In 1884, Timișoara became Europe’s first town with electric streetlights. Now, over 130 years later, Romania still has 100.000 households with no electricity, according to the Minister of Energy. That means about half a million people living without electricity. On the other hand, Romania is also the country where over 30.000 lightbulbs are replaced and thrown away each day. Because of that, almost 55 kilograms of mercury end up in the soil each year. Following an invitation from Recolamp, we made a portrait of Romania after sunset, which grew into a book. We travelled across the country documenting the country by bulblight and how electric lighting, or lack thereof, shapes people’s lives and underscores their social status. Just like sunset over one part of the globe brings sunrise over the other, when darkness falls rural Romania remains still, as if plunged in a black, silent chasm. While people in villages go into their homes to sleep, on the seafront and in the cities the fun is just beginning: countless lightbulbs come on blindingly, in flamboyant advertising displays, to attract consumers much like natural predators attract prey.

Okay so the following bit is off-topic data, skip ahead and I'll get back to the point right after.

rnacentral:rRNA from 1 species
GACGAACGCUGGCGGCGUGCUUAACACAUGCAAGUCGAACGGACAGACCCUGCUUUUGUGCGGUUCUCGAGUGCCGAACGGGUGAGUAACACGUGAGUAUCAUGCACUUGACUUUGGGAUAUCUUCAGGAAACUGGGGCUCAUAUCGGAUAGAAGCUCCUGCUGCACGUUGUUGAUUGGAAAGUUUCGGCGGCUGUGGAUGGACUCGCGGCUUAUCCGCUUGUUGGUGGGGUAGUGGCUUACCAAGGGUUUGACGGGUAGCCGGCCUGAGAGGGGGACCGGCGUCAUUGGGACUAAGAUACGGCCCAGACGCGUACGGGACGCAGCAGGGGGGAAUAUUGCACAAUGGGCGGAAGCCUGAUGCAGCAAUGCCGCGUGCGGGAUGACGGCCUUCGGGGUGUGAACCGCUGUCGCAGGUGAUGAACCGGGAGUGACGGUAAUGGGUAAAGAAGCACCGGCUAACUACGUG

With the support of Recolamp NGO. Recolamp.